Education & Career Trends: June 7, 2023
Curated by the Knowledge Team of ICS Career GPS
- Excerpts are taken from an article published on psychologytoday.com.
Self-motivation means being driven by a personal desire to set-valued goals and to focus on, commit to, and move toward these goals despite obstacles. Self-motivation is necessary for many situations, especially when what we desire immediately (e.g., eating pizza) is not what we should do (e.g., eating healthy). For instance, we motivate ourselves to do chores, engage in self-care, and better ourselves (e.g., become more conscientious).
But how do you motivate yourself, exactly?
Below, we review effective motivational strategies related to four elements of motivation: goal setting, goal striving, goal juggling, and leveraging social support.
We begin with strategies for successful goal setting.
- Set a goal, not a means to a goal: If goal pursuit does not excite you, you are probably pursuing a means to a goal (e.g., finding a parking spot in a crowded area), not the goal (e.g., buying a special gift for a loved one). So, keep in mind your ultimate destination.
- Set SMART goals: Smart stands for specific, measurable, attainable (i.e. neither too easy nor too difficult), relevant, and time-bound. Also, goals should be self-set, not imposed; otherwise, you might rebel against them.
- Set incentives: Incentives are like “mini-goals” and increase motivation. However, they sometimes undermine the original goal (e.g., you study just for the incentive of eating chocolate). Furthermore, uncertain incentives (e.g., 20 or 40 minutes to play video games, randomly chosen) are potentially more motivating than certain ones (always 30 minutes).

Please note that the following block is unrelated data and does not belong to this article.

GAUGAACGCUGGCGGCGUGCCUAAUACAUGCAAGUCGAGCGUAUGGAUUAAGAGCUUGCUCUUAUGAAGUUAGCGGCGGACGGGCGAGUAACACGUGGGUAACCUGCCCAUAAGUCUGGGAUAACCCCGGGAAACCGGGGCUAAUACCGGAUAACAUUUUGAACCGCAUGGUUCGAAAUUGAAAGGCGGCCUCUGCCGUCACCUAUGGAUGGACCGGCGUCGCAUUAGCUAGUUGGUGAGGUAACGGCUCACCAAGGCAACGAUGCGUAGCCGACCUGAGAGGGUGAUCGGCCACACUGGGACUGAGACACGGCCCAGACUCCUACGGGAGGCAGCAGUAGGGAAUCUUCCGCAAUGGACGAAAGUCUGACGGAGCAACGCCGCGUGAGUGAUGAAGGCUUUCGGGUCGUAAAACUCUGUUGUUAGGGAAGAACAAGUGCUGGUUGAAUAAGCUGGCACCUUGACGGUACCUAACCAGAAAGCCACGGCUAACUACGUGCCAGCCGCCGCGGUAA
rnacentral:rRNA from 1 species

- Use intrinsic motivation: To motivate yourself, pursue intrinsically motivating goals—i.e. inherently beneficial and enjoyable activities (e.g., a job you love; an exercise you enjoy) and not a means to another goal (e.g., to lose weight, you jog, but you hate jogging).
To sustain motivation, monitor your progress.
- Dynamics of goal motivation: To motivate yourself, reflect on your achievements (e.g., good grades; work success). Why? Because they demonstrate commitment to your goal, thus promoting consistency. Alternatively, reflect on things you have not accomplished yet. Why? Because they indicate a lack of progress (e.g., not having completed any extra-credit assignments), thus enhancing motivation to make progress.
- The middle problem: Motivation is usually high initially and toward the end, but not in the middle. The solution? Keep the middle very short (e.g., instead of monthly goals, set weekly goals).
- Learning from negative feedback: People are less likely to learn from negative than positive feedback, perhaps because they take it too personally. The solution? To protect your ego, focus on the lessons learned; sharing these lessons with others, in the form of giving advice, may also protect your ego. Additional techniques include developing a growth mindset, intentionally making minor mistakes (to practice learning from errors), and learning from other’s failures.